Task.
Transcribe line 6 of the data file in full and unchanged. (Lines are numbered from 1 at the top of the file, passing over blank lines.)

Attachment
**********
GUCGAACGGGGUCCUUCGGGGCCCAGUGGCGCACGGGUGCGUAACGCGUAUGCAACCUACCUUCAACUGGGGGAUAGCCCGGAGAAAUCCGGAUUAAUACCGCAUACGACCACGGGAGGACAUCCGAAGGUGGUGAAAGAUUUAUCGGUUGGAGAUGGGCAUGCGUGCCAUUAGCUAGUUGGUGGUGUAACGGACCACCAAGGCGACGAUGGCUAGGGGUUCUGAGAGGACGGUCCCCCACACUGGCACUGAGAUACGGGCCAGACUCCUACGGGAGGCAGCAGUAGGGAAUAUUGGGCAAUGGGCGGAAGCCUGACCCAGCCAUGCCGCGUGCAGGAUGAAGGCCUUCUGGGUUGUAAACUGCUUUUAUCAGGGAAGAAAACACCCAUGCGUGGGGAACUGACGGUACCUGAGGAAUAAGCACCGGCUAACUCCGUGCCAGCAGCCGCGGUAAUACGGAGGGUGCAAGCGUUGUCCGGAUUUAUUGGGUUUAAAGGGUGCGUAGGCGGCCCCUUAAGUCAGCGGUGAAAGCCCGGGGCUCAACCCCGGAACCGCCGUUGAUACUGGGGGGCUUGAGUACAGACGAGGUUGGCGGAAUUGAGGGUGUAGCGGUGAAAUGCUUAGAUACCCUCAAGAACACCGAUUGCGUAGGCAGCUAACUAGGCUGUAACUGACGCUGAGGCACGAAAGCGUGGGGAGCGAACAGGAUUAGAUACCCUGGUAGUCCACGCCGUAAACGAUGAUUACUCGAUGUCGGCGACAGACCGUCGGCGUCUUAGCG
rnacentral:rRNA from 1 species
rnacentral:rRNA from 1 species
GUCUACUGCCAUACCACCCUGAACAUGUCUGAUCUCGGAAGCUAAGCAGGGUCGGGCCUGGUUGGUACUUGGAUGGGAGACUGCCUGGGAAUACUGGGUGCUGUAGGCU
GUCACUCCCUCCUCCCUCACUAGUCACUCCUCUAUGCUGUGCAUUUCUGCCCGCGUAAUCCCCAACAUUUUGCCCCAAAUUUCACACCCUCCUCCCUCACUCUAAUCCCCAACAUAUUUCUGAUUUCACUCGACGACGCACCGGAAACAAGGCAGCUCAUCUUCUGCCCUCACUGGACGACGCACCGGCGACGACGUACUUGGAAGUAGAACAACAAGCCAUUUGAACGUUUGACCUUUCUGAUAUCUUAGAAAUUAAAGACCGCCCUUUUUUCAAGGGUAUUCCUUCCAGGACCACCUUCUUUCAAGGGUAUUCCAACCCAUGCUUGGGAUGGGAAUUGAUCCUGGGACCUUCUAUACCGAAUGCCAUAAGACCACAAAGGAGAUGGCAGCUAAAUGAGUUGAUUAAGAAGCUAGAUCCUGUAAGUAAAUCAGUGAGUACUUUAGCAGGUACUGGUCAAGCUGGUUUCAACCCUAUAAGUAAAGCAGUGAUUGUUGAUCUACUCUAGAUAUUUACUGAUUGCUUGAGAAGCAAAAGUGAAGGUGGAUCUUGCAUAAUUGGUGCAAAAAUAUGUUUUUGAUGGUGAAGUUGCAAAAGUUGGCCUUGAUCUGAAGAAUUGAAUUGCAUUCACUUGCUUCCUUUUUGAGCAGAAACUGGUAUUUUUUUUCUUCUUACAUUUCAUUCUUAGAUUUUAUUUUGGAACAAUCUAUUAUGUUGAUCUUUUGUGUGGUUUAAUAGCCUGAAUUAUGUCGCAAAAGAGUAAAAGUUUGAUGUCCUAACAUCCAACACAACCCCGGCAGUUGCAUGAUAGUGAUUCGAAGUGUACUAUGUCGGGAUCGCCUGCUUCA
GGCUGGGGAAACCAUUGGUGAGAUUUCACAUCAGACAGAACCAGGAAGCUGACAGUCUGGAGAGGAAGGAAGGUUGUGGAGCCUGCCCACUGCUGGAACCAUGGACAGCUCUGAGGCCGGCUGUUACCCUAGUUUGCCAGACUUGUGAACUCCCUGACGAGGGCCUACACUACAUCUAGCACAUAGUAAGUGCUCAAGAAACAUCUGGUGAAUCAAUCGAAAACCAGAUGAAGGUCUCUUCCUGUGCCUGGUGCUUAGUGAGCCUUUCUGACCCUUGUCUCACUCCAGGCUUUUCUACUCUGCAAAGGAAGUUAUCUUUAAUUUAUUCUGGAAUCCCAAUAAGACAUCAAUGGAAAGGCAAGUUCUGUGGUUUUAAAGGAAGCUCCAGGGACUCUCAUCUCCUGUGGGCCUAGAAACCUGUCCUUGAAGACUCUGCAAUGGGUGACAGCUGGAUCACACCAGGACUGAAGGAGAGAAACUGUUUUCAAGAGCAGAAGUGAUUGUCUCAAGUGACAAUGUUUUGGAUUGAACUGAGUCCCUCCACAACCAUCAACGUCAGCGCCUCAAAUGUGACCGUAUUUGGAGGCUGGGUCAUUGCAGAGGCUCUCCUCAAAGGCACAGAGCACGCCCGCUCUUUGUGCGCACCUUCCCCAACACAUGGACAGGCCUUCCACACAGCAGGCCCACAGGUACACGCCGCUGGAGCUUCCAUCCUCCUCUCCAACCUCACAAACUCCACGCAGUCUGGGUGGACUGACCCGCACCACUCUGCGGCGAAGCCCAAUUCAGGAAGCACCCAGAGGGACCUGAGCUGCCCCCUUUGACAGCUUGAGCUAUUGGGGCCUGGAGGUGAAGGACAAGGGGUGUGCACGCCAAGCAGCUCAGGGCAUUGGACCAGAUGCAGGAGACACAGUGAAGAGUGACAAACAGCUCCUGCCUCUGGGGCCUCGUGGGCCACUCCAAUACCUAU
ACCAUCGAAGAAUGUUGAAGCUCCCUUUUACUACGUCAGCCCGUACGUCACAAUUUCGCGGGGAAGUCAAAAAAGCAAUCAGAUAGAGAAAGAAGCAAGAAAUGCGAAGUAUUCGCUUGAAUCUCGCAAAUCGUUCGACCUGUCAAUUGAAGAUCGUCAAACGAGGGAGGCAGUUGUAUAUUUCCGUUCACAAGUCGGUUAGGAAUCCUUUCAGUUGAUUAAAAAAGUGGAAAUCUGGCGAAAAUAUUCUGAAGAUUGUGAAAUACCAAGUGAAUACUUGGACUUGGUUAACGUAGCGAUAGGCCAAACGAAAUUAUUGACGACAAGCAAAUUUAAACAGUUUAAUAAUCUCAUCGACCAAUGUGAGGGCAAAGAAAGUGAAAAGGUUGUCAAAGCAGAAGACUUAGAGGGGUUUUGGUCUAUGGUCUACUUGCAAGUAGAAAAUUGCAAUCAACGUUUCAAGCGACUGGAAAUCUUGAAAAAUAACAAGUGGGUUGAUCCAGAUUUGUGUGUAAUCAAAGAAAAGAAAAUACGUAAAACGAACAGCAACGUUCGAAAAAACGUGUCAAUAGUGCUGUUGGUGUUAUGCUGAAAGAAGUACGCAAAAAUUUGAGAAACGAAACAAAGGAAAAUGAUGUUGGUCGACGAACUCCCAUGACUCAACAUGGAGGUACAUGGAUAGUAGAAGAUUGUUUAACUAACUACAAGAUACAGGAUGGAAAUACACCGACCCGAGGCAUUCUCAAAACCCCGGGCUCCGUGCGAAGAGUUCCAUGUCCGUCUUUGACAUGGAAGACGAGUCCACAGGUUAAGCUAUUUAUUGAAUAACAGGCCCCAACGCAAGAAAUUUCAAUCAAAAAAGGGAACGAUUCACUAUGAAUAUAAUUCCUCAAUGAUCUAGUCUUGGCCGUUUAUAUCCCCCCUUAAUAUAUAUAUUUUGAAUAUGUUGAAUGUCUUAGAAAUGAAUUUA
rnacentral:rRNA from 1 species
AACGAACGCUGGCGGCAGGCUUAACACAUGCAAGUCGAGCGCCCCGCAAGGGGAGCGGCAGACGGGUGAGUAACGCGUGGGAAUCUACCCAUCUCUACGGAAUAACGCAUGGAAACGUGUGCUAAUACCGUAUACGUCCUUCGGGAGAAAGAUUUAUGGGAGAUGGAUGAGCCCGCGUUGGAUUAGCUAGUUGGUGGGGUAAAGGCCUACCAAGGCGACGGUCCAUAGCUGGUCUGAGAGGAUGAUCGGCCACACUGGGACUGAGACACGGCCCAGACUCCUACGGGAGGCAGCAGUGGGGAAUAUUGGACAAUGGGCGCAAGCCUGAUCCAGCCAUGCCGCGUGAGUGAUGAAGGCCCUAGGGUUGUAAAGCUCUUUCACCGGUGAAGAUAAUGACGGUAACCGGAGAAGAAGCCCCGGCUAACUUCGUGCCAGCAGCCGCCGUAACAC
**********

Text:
GGCUGGGGAAACCAUUGGUGAGAUUUCACAUCAGACAGAACCAGGAAGCUGACAGUCUGGAGAGGAAGGAAGGUUGUGGAGCCUGCCCACUGCUGGAACCAUGGACAGCUCUGAGGCCGGCUGUUACCCUAGUUUGCCAGACUUGUGAACUCCCUGACGAGGGCCUACACUACAUCUAGCACAUAGUAAGUGCUCAAGAAACAUCUGGUGAAUCAAUCGAAAACCAGAUGAAGGUCUCUUCCUGUGCCUGGUGCUUAGUGAGCCUUUCUGACCCUUGUCUCACUCCAGGCUUUUCUACUCUGCAAAGGAAGUUAUCUUUAAUUUAUUCUGGAAUCCCAAUAAGACAUCAAUGGAAAGGCAAGUUCUGUGGUUUUAAAGGAAGCUCCAGGGACUCUCAUCUCCUGUGGGCCUAGAAACCUGUCCUUGAAGACUCUGCAAUGGGUGACAGCUGGAUCACACCAGGACUGAAGGAGAGAAACUGUUUUCAAGAGCAGAAGUGAUUGUCUCAAGUGACAAUGUUUUGGAUUGAACUGAGUCCCUCCACAACCAUCAACGUCAGCGCCUCAAAUGUGACCGUAUUUGGAGGCUGGGUCAUUGCAGAGGCUCUCCUCAAAGGCACAGAGCACGCCCGCUCUUUGUGCGCACCUUCCCCAACACAUGGACAGGCCUUCCACACAGCAGGCCCACAGGUACACGCCGCUGGAGCUUCCAUCCUCCUCUCCAACCUCACAAACUCCACGCAGUCUGGGUGGACUGACCCGCACCACUCUGCGGCGAAGCCCAAUUCAGGAAGCACCCAGAGGGACCUGAGCUGCCCCCUUUGACAGCUUGAGCUAUUGGGGCCUGGAGGUGAAGGACAAGGGGUGUGCACGCCAAGCAGCUCAGGGCAUUGGACCAGAUGCAGGAGACACAGUGAAGAGUGACAAACAGCUCCUGCCUCUGGGGCCUCGUGGGCCACUCCAAUACCUAU